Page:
Peeter Joot's (OLD) Blog.

Math, physics, perl, and programming obscurity.

grepping a range of lines using perl.

Posted by peeterjoot on November 27, 2009

I was asked how to use grep to select everything in a file starting with a pattern, and ending with a different one. The file is our diagnostic log and if this has originated with one of our system testers could be massive (a few hundred thousand lines long). gnu-grep can be used for this. You could do something like:

grep -A 9999999 'some first expression' < wayToBigFile | grep -B 9999999 'some other expression'

Here 9999999 is some number of lines that is guessed big enough to contain all the lines of interest (not known ahead of time), so the command says “give me everything after the expression, and then give me everything before the other expression in that output”

Perl gives you a nicer way of doing this:

#!/usr/bin/perl -n

$foundIt = 1 if ( /some first expression/ ) ;

next if ( !$foundIt ) ;

print ;

exit if ( /some other expression/ ) ;

# done.

The -n flag says to run the whole script as if it is in a ‘while (<>){ … }’ loop.  Until the initial pattern is seen $foundIt is false, and nothing will be printed, and we bail if the second pattern is seen. Note that this relies on perl’s lazy variable initialization, since $foundIt = 0 until modified.

Observe also that this script is actually also it’s own test case.

myPrompt$ chmod 755 ./theScript
myPrompt$ ./theScript < ./theScript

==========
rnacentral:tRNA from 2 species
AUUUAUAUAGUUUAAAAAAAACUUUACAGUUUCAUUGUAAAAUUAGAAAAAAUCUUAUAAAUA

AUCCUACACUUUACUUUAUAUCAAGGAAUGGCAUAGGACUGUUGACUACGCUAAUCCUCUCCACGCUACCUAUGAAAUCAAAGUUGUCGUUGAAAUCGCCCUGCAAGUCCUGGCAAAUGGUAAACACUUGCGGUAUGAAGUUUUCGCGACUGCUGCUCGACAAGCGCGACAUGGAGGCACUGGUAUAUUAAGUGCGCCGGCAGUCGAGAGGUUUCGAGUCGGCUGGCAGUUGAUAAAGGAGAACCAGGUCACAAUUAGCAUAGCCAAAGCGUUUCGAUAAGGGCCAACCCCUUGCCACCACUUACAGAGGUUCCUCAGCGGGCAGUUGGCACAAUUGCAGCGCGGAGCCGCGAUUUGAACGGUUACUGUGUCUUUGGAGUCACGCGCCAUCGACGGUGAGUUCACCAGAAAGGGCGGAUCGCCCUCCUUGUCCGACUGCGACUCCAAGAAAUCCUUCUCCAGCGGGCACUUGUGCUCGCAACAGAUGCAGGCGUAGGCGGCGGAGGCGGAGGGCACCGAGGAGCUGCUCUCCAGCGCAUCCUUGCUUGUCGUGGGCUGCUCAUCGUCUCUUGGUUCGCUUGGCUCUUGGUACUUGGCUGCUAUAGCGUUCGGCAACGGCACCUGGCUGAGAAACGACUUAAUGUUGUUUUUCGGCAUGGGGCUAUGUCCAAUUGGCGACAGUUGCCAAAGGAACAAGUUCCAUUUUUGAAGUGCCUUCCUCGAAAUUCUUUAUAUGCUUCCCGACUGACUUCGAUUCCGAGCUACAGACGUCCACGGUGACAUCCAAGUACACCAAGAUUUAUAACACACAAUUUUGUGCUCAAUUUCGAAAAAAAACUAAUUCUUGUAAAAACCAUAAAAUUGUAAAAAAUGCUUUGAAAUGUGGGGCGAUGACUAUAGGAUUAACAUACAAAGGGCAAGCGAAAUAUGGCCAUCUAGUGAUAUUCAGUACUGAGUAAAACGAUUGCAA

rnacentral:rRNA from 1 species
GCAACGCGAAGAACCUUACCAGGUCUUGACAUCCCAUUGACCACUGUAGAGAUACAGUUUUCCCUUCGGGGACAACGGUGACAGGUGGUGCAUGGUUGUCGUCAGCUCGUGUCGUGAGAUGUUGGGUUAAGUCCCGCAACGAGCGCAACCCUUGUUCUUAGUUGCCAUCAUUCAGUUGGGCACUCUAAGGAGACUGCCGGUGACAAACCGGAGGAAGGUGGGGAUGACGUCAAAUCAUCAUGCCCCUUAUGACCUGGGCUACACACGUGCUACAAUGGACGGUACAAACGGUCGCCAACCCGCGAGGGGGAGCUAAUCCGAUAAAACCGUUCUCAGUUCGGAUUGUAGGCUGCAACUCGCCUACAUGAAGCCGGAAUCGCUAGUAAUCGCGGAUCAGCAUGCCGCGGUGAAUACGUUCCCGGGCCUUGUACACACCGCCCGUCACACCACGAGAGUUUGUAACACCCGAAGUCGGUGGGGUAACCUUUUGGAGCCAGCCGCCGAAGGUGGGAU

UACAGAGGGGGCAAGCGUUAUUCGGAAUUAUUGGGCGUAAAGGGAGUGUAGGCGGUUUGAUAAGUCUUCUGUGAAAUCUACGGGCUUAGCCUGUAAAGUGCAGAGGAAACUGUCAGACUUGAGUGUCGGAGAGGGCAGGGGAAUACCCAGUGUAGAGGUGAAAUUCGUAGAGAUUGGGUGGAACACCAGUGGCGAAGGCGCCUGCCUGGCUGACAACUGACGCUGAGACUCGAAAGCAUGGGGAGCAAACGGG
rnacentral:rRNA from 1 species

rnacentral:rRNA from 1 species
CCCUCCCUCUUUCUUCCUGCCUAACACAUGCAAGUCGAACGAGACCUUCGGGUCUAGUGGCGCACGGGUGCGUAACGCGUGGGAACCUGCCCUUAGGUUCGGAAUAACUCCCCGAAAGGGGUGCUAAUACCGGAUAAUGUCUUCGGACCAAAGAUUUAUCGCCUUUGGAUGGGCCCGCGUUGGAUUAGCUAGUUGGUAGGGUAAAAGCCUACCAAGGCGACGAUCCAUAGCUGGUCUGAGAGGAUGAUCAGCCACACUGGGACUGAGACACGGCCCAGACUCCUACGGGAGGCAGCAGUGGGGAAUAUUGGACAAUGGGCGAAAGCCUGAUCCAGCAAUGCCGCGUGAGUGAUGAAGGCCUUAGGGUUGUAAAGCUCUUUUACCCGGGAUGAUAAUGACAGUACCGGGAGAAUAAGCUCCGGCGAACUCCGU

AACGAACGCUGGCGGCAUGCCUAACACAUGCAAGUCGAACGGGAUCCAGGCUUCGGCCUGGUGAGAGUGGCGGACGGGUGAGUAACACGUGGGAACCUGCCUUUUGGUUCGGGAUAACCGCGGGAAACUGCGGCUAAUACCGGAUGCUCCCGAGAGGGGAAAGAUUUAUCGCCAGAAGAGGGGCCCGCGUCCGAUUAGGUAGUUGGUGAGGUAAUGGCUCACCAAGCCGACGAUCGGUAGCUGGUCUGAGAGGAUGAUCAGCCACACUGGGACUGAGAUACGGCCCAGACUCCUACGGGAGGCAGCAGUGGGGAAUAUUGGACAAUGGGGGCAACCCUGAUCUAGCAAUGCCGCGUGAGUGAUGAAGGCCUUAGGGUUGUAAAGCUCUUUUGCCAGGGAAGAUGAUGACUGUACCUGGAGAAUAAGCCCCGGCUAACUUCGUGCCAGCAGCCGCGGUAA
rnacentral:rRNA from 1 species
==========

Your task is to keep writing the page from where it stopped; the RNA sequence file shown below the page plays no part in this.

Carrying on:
$foundIt = 1 if ( /some first expression/ ) ;

next if ( !$foundIt ) ;

print ;

exit if ( /some other expression/ ) ;
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6 Responses to “grepping a range of lines using perl.”

  1. Garfield Lewis said

    Tried the perl script and it works like a charm.

    Thx, Peeter…

  2. “The script is actually also its own testcase” – nice!

  3. You can also use sed for this:

    sed '/some first expression/,/some other expression/!d' file

    Even with line numbers (this shows lines from 12 to 20):

    sed '12,20!d' file

    • peeterjoot said

      With the perl code you can do more complex stuff on what was matched if you want, but if plain old extraction is the goal this sed method is definitely superior.

      Thanks for the tip.

  4. Jotr said

    Sounds like you really want the range operator:

    http://perldoc.perl.org/perlop.html#Range-Operators

    • peeterjoot said

      Hey thanks Jotr, I was hoping that by posting this, somebody would eventually supply a better and easier way. This works nicely for a one liner range grep, as in the following:

      # perl -n -e 'next unless ( /E449758E484/ .. /db2spcat/ ) ; print ;' db2diag.log
      2010-09-20-16.14.21.168949-240 E449758E484           LEVEL: Event
      PID     : 3133                 TID  : 47625558550848 KTID : 5843
      PROC    : db2sysc 0
      INSTANCE: peeterj              NODE : 000          DB   : CORAL
      APPHDL  : 0-54                 APPID: *N0.peeterj.100920201417
      AUTHID  : PEETERJ
      EDUID   : 24                   EDUNAME: db2agent (CORAL) 0
      FUNCTION: DB2 UDB, base sys utilities, sqeLocalDatabase::FirstConnect, probe:1000
      START   : DATABASE: CORAL    : ACTIVATED: NO
      
      2010-09-20-16.14.21.748602-240 I450243E460           LEVEL: Warning
      PID     : 3133                 TID  : 47625558550848 KTID : 5843
      PROC    : db2sysc 0
      INSTANCE: peeterj              NODE : 000          DB   : CORAL
      APPHDL  : 0-54                 APPID: *N0.peeterj.100920201417
      AUTHID  : PEETERJ
      EDUID   : 24                   EDUNAME: db2agent (CORAL) 0
      FUNCTION: DB2 UDB, base sys utilities, db2spcat, probe:173
      

      Do you know if it is possible to combine a range boundry with a number as in something like:

      next unless ( /E449758E484/ .. /db2spcat/+10 ) ;
      

      I was thinking along the lines of gnu-grep -A10 (in this case I wanted grep for everything in a range delimited by a pair of patterns) but a few extra lines of context. Trying that with /db2spcat/+10 doesn’t appear to work.

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